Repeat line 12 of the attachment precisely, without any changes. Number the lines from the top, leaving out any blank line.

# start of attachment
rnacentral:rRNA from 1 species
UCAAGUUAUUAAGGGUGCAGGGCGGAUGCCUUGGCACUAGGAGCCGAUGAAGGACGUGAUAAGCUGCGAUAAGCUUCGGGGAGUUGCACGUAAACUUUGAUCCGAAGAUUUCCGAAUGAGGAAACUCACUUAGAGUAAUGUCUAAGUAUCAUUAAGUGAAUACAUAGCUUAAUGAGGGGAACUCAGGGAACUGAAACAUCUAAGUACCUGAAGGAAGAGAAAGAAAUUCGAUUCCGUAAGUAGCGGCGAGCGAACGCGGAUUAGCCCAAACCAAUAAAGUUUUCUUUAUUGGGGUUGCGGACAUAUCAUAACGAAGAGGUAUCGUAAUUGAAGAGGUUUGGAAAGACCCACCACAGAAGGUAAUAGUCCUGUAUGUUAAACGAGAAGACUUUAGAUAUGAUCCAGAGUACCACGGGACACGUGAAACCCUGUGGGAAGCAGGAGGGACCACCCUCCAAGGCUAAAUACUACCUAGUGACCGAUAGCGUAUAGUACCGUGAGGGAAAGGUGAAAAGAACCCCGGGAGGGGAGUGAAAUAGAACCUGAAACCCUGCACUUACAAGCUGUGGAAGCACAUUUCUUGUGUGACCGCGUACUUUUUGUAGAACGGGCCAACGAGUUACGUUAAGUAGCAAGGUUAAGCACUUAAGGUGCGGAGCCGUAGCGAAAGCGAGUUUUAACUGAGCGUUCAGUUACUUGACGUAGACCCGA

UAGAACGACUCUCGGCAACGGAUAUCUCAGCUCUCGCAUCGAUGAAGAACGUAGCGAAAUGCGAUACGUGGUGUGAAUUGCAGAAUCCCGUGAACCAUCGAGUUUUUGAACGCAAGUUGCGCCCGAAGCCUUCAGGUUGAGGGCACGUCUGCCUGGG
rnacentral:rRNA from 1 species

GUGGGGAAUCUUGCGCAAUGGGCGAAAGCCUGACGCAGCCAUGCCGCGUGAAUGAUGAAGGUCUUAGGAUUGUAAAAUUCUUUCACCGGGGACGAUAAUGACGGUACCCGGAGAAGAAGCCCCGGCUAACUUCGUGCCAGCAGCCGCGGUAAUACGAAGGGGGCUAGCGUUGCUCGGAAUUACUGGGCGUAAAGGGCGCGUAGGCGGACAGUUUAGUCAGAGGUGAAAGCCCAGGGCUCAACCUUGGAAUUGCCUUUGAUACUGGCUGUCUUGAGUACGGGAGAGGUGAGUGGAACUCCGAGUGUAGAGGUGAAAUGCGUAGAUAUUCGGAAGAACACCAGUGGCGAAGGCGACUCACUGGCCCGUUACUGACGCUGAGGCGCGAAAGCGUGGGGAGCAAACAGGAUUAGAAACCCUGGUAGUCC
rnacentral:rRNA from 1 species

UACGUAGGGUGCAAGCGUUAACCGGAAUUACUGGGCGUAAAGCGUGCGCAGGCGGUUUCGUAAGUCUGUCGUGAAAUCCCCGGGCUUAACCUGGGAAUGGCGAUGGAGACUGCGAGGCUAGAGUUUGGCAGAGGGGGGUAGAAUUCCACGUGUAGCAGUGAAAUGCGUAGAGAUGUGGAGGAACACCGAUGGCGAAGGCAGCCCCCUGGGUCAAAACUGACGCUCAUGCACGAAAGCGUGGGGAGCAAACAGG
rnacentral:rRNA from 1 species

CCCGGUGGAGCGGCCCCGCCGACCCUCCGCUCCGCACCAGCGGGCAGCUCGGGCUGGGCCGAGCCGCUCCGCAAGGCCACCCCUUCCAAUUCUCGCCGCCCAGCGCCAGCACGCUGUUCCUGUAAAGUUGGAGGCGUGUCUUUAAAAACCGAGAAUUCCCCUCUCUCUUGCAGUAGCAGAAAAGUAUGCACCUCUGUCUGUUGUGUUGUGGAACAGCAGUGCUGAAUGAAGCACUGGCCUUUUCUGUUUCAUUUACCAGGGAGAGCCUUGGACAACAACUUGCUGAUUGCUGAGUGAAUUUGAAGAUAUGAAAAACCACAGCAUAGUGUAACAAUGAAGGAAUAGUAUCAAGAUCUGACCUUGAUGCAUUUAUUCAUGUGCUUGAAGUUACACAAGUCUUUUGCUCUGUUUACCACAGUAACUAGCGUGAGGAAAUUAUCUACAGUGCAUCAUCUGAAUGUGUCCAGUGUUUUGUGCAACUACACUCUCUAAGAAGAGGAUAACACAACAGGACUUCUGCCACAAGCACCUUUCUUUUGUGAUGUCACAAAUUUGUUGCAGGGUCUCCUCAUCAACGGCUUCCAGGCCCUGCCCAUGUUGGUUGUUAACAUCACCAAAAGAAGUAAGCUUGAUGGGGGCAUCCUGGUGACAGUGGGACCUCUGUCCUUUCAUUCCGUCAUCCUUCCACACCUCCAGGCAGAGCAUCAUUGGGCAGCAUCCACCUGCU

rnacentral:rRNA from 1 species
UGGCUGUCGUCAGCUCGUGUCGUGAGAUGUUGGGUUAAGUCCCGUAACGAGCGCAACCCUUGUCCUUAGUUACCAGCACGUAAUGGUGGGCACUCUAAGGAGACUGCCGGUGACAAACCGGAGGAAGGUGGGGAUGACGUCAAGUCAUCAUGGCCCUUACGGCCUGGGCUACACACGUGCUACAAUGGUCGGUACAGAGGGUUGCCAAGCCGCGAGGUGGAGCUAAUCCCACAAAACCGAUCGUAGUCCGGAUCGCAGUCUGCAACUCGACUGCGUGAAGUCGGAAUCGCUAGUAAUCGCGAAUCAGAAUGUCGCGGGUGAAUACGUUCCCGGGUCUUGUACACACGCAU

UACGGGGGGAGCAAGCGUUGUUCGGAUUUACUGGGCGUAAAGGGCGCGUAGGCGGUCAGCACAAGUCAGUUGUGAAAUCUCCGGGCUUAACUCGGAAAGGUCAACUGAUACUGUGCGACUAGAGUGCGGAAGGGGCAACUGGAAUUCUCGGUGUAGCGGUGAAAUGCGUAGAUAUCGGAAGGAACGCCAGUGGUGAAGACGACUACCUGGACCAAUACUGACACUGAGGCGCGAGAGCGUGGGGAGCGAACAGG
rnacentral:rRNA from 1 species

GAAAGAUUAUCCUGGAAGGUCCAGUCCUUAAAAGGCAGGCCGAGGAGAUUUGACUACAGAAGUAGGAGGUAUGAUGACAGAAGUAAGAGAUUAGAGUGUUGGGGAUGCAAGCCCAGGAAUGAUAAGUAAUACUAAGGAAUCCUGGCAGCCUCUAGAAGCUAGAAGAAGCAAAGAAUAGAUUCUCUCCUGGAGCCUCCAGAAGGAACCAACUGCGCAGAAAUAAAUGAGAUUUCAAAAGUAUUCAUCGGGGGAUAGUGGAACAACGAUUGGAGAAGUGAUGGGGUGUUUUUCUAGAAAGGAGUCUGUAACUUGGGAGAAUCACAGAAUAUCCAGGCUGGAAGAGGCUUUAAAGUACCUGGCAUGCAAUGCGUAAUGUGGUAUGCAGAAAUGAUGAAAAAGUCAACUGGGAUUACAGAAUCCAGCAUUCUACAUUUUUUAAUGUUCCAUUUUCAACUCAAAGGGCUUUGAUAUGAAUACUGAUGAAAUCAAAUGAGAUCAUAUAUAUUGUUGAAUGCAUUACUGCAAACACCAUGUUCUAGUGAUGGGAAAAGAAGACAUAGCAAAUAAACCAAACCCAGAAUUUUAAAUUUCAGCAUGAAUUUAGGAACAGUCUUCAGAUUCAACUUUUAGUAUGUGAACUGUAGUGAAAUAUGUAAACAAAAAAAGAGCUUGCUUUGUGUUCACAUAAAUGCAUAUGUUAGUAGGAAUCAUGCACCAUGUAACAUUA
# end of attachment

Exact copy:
UACGGGGGGAGCAAGCGUUGUUCGGAUUUACUGGGCGUAAAGGGCGCGUAGGCGGUCAGCACAAGUCAGUUGUGAAAUCUCCGGGCUUAACUCGGAAAGGUCAACUGAUACUGUGCGACUAGAGUGCGGAAGGGGCAACUGGAAUUCUCGGUGUAGCGGUGAAAUGCGUAGAUAUCGGAAGGAACGCCAGUGGUGAAGACGACUACCUGGACCAAUACUGACACUGAGGCGCGAGAGCGUGGGGAGCGAACAGG